Category Archives: Baby Juggling

Out on the town

There is a belief, which people ram down your throats while you are pregnant, that once a baby arrives your evening social life heads into rigor mortis. From that point you will be stuck at home for the rest of your life until you are willing to give up your child to the care of a babysitter and even then you will only get your pre-baby life back at most once a week.

But it doesn’t have to be like this, at least not in the beginning, because young babies are surprisingly good wingpeople.
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Fitness first

Now I’ve passed my six week check and have finally been officially discharged after a lingering infection (best not to ask), I’m keen to start getting active again. It turns out I gained a lot more weight than I thought during pregnancy – I shouldn’t have listened to all those people who told me I looked “well” as in reality they meant “lardy”! No idea of the exact figure, but considering Pip’s weight and my huge placenta I expect it was around three stone. Ah well – je ne regrette rien – I enjoyed every cupcake!

Now for the reality check though of potentially not being able to fit into any of my old clothes. I haven’t attempted jeans yet (although pleasingly, a maternity pair I bought late on in pregnancy that were too tight at the time now fit perfectly, with the added bonus of a nice tummy-flattening belly band). Along with the scales, they are staying in the loft for now as I figure what I don’t know can’t hurt me! Before trying to squeeze into anything or for that matter buying much of anything new, I want to clock up some proper exercise. My doctor told me to stick to gentle activities, then went on to say I should listen to my body. My body is telling me to strap on running shoes and sprint, so I feel a happy medium is needed. With gym workouts ruled out for now, I’m going to have to get creative, especially as with a baby in tow things become somewhat more complicated!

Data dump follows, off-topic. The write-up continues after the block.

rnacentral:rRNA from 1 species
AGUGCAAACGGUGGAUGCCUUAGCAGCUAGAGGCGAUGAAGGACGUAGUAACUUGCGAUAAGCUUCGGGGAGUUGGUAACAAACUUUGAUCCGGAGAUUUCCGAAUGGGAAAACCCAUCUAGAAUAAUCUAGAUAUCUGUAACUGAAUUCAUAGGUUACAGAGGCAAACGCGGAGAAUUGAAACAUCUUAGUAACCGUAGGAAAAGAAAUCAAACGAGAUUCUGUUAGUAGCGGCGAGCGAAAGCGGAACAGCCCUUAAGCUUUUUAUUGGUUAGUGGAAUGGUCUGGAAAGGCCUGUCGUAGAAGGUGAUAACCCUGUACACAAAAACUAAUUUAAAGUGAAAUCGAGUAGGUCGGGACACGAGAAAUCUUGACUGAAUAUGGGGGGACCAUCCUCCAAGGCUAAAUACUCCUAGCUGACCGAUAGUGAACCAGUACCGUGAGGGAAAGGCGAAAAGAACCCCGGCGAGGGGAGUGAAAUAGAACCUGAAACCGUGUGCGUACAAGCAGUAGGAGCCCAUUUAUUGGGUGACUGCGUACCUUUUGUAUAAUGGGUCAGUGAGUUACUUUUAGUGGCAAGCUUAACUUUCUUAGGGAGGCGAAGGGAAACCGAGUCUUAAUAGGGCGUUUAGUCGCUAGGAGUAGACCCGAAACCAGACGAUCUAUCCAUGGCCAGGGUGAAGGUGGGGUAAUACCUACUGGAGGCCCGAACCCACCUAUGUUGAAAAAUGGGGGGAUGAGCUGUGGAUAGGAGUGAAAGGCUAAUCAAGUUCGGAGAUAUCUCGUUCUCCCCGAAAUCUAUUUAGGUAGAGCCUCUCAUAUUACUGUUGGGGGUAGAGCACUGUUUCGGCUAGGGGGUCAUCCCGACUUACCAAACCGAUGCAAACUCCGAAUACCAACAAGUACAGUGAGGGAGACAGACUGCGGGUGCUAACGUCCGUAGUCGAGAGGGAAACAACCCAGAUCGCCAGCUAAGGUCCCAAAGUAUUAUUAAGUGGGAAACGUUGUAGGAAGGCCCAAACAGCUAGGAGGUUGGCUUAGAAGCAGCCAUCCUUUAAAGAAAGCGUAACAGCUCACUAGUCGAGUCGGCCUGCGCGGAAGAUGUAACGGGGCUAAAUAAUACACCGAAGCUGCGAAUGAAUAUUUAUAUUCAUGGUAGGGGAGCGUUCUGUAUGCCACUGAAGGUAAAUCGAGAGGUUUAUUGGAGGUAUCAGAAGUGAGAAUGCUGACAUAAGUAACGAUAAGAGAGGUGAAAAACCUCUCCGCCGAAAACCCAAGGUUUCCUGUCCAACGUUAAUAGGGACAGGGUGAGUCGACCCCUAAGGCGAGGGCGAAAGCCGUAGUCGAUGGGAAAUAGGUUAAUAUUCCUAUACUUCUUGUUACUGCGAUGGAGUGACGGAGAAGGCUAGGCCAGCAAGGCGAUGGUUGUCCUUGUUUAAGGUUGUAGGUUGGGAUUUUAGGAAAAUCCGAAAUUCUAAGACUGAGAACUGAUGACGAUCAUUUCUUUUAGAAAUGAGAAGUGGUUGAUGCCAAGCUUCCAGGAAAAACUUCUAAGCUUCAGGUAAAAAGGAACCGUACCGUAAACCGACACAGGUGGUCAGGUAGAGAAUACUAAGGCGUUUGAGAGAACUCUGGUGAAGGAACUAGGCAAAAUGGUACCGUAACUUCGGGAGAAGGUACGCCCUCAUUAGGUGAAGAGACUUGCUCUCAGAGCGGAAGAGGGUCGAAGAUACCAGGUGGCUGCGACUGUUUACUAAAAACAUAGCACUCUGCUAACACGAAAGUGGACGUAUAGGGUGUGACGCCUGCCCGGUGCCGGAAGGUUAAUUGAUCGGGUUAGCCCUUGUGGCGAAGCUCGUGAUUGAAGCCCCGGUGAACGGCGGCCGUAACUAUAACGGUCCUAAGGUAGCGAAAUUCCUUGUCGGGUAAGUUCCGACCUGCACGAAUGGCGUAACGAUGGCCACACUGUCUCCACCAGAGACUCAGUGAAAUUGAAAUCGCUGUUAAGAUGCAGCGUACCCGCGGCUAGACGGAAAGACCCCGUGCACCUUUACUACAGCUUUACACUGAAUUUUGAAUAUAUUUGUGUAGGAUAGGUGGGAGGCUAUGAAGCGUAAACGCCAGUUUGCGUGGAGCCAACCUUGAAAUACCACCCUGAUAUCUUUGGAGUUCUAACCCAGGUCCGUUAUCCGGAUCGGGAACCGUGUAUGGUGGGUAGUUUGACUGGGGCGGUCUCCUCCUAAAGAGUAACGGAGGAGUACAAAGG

If all else fails, I can just gaze lovingly at my feet: one small but significant positive is that after suffering from enormous cankles in late pregnancy, that whole area has never looked more svelte! In the meantime… here are my plans for how to apply myself this autumn:

Yoga/Pilates

I have signed up for an NCT-run class called “Relax and Stretch with Baby“. As far as I can tell, this will involve learning baby massage while incorporating Pilates for the Mums. My doctor wholeheartedly approves of Pilates so even though I’ve never tried it before it seems like a good place to start. We’ll see how it goes… there will be music and singing involved which could go either way (fun and uplifting or rather embarrassing)! Hopefully it will be better than my pregnancy yoga experience at least.

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Shop ’til you drop

So I thought I would pop into Sainsbury’s; just a few things – a box of cereal, some toothpaste, a bottle of wine for a dinner party that evening and maybe some cat food. I could manage that – I had the baby in the Björn, an overstuffed changing bag and the portable breastfeeding pillow, but an extra carrier bag would be fine. No drama.

But then again it made sense to get dinner for the next night, we were out in the afternoon and a friend was coming round for dinner – there would be no time tomorrow to buy it. And maybe something for the next night, just for us.
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Alex Reid manxplaining how it’s done
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I can’t get no sleep

It’s a myth that you can “bank” sleep. Mr Cath and I spent the months before Pip was born going to bed at 10pm most nights and waking up at 7am (to be fair, we were pretty boring before I got pregnant too!) Getting at least 8 hours’ sleep a night means that you end up NEEDING 8 hours’ sleep a night. So when that lovely long sleep stops happening, it hurts. As one parent noted in the recent BBC article “30 tips for first time parents” (kindly sent to me and Elly by Hester):

“Never underestimate the power of sleep deprivation. It can turn the most pleasant of persons into a raging psychopath.”

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Feed me, Seymour